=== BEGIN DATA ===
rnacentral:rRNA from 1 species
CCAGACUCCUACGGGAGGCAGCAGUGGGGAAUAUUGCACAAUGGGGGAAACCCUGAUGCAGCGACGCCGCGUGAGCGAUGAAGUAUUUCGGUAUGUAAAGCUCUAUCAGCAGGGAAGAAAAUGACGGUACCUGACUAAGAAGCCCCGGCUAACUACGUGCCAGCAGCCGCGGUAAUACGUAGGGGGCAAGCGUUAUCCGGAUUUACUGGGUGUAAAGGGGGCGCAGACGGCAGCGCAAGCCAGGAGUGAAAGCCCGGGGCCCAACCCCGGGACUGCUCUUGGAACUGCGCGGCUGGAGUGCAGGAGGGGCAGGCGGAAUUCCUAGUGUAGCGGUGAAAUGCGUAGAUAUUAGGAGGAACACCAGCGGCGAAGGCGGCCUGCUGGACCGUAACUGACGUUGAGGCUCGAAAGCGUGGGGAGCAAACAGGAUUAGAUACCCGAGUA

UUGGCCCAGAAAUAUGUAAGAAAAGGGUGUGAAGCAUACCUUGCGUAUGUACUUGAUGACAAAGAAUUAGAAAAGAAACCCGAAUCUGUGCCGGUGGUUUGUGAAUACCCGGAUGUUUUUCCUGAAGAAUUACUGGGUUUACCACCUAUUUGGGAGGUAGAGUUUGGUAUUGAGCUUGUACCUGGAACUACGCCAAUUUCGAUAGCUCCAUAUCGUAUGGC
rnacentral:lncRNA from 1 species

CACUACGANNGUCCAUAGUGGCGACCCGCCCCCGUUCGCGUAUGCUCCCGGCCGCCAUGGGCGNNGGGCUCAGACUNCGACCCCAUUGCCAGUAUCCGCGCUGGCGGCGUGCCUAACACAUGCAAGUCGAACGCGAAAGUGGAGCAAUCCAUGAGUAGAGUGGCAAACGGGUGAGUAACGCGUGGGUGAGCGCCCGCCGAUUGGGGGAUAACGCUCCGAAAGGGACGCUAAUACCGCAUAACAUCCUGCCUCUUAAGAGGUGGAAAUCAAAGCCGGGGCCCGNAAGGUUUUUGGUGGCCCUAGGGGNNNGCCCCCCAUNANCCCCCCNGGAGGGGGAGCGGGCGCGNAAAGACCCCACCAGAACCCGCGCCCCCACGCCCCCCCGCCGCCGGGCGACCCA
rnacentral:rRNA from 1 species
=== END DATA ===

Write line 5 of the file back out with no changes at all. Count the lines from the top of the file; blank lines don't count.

CACUACGANNGUCCAUAGUGGCGACCCGCCCCCGUUCGCGUAUGCUCCCGGCCGCCAUGGGCGNNGGGCUCAGACUNCGACCCCAUUGCCAGUAUCCGCGCUGGCGGCGUGCCUAACACAUGCAAGUCGAACGCGAAAGUGGAGCAAUCCAUGAGUAGAGUGGCAAACGGGUGAGUAACGCGUGGGUGAGCGCCCGCCGAUUGGGGGAUAACGCUCCGAAAGGGACGCUAAUACCGCAUAACAUCCUGCCUCUUAAGAGGUGGAAAUCAAAGCCGGGGCCCGNAAGGUUUUUGGUGGCCCUAGGGGNNNGCCCCCCAUNANCCCCCCNGGAGGGGGAGCGGGCGCGNAAAGACCCCACCAGAACCCGCGCCCCCACGCCCCCCCGCCGCCGGGCGACCCA